Faces of Long Island celebrates the uniqueness of everyday Long Islanders. In their own words, they tell us about their life experiences, challenges and triumphs. Newsday launched this social media journey into the human experience to shine a light on the diverse people of this wonderful place we call home.

‘I am a new father and I want to teach my daughter how I always live my life by just listening to people.’

New Hyde Park

“I love being a geriatrician. For me, geriatric medicine is not just the care of older adults and vulnerable people; it’s the care of families as a whole. We help people navigate through complex health systems and diseases. Most importantly, we help people to live more functional and enjoyable lives. Many patients come in with a list of 10 doctors and 15 medications. It is my job to try to simplify things so that they can walk or eat better, and spend more quality time with their families.

“My father is a geriatrician as well. There’s a photo that he showed at my wedding of me as a 3-month-old reading a geriatric journal with him. I guess it was ingrained in me that I was going to go into this field. I liked science and writing; medicine incorporates everything. You can make such an impact as a physician, even if it’s not medical. In April 2020, when family members were not allowed in the ER, I spent time with a man who was in his 90s and only had hours of life left. We got his daughter on the phone, and she said incredibly personal things that I don’t think any person should have the privilege of hearing, but we’re there to help facilitate that. Her partner got on and whispered, ‘I don’t know if you can hear me, but I want to ask for permission to marry your daughter.’ I was taken aback. Then he said, ‘No matter where you’re going and no matter what happens, I want you to know that I’m going to be here to care for your daughter forever.’ I was speechless to be included in such a personal moment. The fact that we’re there to facilitate that is more valuable than any medicine than I could have given. The man died a few hours later, but we saved their lives in some ways by allowing that to happen. That experience drives the way I practice medicine.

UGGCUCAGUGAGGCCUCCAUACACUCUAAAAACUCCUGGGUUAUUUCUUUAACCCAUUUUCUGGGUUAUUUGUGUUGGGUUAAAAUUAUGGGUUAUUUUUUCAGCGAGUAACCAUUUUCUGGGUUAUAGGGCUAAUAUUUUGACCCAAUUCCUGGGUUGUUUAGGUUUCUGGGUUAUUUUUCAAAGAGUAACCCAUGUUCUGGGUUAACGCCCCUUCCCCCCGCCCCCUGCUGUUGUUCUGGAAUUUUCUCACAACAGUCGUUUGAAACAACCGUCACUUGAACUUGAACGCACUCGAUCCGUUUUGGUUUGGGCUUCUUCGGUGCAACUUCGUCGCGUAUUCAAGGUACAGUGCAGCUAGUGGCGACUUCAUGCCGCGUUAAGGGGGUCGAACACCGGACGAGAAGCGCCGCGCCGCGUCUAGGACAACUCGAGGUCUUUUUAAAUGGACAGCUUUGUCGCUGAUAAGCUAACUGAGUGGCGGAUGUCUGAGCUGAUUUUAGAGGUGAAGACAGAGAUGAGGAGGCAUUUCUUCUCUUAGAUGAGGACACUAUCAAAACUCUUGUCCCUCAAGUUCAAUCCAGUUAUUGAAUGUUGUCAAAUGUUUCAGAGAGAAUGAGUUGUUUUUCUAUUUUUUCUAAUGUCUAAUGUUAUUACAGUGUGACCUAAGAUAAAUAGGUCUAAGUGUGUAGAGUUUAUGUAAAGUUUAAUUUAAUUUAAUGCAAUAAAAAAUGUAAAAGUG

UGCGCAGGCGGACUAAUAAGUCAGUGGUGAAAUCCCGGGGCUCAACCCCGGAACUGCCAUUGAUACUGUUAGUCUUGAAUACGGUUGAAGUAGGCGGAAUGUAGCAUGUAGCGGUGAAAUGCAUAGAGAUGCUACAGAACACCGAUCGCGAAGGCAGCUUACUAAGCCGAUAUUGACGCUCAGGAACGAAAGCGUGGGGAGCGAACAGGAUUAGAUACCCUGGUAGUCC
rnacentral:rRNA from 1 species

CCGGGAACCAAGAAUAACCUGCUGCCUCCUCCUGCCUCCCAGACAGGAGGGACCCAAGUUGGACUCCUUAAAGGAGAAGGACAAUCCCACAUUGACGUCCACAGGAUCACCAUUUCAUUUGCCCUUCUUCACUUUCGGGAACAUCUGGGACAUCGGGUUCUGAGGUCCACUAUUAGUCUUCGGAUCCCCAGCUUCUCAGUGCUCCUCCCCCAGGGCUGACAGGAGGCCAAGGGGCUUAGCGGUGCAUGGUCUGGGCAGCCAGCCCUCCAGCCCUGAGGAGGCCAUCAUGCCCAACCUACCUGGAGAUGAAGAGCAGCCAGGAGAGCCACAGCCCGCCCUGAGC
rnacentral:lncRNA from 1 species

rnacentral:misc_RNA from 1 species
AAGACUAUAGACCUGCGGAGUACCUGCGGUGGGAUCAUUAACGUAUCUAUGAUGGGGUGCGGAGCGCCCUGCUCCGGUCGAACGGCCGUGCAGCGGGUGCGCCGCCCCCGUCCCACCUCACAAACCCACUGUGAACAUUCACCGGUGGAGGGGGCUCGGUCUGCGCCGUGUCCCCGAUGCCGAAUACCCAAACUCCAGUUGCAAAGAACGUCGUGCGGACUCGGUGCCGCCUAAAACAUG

If you’re not learning something new every day in medicine, you’re not looking around enough. There are certainly not enough of us geriatricians, but it is the most rewarding job.

“It was the most personal moment in the least personal way. I am a new father and I want to teach my daughter how I always live my life by just listening to people. Having that humility that you don’t know much allows you to learn a lot. If you’re not learning something new every day in medicine, you’re not looking around enough. There are certainly not enough of us geriatricians, but it is the most rewarding job.”